Tribunal Upholds 10-Year DQ For Baiting Offences
THE Racing Appeals Tribunal has dismissed the appeal lodged by Holly Speed for luring and baiting offences dating back to September 2020.
13 December 2021
THE NSW Racing Appeals Tribunal has dismissed the appeal lodged by trainer Holly Speed for luring and baiting offences.
In October, Greyhound Welfare & Integrity Commission (GWIC) stewards handed Speed two 10-year disqualifications for being in possession of two rabbit carcasses where one was used as a lure to excite or entice a greyhound to pursue it.
The rabbit carcasses were found at a routine GWIC inspection of Speed’s kennels on September 8, 2020 at which time she was placed under interim-suspension by the commission.
GWIC engaged the services of Dr. Lydia Tong from Taronga Wildlife Hospital to examine the two rabbit carcasses who determined there was evidence that one of the two carcasses had been used as a lure.
Speed pleaded not guilty to all charges and after being handed 10-year disqualifications for two charges challenged the ruling with the Appeals Tribunal.
But that action proved futile with Judge Armati dismissing the appeal last Wednesday which will see Speed serve a 10-year disqualification, the minimum under the rules for lure and baiting offences.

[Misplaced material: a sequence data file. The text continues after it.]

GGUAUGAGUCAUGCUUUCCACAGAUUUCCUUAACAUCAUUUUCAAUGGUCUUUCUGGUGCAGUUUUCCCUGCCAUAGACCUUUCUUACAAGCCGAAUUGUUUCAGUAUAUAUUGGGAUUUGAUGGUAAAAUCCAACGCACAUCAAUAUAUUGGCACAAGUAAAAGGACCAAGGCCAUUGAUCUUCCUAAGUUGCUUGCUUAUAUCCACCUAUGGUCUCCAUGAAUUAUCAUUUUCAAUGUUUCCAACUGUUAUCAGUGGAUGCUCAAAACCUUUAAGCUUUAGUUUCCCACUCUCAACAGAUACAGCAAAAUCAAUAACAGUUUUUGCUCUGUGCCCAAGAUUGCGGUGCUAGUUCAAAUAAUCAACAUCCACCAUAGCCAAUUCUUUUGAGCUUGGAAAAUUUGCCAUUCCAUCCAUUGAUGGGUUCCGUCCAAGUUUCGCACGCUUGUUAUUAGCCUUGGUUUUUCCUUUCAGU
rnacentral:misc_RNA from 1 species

After news that the appeal had been dismissed, GWIC CEO Steve Griffin, reaffirmed the commission’s commitment to protecting the reputation of the industry.
“While matters like this are very rare in the industry, GWIC will continue to protect the welfare of greyhounds and the integrity of the sport with a firm but fair regulatory approach,” Griffin said.
“This disqualification is amongst the highest periods of disqualification imposed by GWIC, which is a reflection on both the severity of the breach and how seriously we take our role in protecting the welfare and integrity of the industry.
“The independent Racing Appeals Tribunal has upheld GWIC’s decision at a recent hearing, proving that this was an extremely serious matter that was dealt with appropriately.”
Griffin said this recent decision is a stern reminder that possessing animals or animal carcasses will be met with significant periods of disqualification.
“After significant adversity, this industry has pulled together and worked hard to build a professional reputation with some of the highest animal welfare standards in the country,” Griffin said.
“I commend all within the industry who continue to do the right thing. GWIC will continue to work with them to protect the integrity of the sport and ensure anyone who chooses to risk that is penalised appropriately.”